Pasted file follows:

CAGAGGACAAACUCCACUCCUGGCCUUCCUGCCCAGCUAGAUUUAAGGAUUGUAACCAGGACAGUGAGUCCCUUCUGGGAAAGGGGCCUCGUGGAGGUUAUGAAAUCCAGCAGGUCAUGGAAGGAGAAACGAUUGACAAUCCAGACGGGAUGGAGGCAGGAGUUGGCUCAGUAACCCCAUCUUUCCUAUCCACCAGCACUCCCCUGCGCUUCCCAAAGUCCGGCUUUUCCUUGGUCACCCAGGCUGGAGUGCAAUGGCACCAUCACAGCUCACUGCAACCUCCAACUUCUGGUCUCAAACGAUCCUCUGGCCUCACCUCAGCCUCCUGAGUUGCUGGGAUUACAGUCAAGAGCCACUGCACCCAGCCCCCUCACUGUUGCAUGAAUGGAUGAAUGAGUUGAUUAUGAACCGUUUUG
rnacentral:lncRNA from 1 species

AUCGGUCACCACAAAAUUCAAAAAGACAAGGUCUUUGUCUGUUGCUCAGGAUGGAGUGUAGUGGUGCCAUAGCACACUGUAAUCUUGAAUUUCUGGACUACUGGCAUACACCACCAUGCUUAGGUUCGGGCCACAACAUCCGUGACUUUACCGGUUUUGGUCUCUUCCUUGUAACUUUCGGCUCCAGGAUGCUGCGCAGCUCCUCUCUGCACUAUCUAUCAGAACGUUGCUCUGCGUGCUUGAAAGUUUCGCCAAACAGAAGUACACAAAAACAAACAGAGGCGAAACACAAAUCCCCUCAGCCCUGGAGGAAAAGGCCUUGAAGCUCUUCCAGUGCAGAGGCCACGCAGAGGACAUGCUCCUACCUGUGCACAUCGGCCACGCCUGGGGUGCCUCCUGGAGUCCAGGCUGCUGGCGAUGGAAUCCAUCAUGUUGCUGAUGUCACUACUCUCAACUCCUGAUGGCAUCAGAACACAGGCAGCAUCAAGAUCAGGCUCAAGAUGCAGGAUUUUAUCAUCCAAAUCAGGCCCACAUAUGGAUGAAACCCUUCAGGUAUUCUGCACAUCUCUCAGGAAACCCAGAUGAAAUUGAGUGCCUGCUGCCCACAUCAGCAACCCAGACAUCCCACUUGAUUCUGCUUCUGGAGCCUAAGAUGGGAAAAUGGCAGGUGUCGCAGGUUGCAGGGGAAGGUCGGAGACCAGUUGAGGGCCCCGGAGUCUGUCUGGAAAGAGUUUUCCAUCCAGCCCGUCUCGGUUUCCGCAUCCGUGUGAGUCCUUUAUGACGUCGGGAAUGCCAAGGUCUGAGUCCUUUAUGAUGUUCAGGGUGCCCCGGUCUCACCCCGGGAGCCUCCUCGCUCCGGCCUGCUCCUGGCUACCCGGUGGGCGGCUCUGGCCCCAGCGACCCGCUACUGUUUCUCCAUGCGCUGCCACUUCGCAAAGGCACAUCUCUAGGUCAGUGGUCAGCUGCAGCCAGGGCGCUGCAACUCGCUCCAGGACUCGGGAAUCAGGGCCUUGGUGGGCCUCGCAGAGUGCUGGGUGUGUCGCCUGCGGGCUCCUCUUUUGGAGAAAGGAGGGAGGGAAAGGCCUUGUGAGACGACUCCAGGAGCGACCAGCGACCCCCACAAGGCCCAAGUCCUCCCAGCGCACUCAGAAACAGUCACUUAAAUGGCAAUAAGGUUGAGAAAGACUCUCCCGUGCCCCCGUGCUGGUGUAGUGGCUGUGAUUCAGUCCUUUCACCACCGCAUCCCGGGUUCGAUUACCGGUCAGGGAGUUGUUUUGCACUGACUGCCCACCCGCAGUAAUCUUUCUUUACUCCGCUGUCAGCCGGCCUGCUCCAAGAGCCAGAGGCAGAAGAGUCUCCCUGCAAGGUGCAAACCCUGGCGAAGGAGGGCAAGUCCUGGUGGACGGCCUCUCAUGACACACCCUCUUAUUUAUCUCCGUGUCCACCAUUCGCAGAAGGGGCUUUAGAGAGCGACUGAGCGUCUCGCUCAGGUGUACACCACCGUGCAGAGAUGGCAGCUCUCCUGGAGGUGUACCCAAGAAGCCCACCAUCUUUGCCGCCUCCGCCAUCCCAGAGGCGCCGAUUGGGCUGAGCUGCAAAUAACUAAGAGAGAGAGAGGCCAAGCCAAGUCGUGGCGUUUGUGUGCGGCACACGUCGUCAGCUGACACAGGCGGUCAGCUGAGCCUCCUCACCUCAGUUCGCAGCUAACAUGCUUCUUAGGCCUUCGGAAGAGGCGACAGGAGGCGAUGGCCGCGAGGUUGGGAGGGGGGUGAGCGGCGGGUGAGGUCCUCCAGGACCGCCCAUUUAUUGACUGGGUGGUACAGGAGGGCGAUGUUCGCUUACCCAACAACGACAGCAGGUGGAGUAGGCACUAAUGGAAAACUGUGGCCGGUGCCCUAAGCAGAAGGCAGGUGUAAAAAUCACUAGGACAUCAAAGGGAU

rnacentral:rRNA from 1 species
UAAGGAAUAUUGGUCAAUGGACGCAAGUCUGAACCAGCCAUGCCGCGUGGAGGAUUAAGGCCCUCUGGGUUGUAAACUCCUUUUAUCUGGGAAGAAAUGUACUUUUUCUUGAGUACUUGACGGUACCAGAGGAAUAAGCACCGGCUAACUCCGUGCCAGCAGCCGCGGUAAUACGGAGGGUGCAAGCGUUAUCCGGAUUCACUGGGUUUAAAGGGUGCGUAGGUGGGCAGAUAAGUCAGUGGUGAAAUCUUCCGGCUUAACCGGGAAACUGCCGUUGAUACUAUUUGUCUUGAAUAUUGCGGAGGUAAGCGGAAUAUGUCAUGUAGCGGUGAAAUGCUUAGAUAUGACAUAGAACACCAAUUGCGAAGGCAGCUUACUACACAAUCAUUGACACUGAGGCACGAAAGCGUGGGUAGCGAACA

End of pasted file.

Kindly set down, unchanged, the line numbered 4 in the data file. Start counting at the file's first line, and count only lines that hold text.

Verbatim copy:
rnacentral:rRNA from 1 species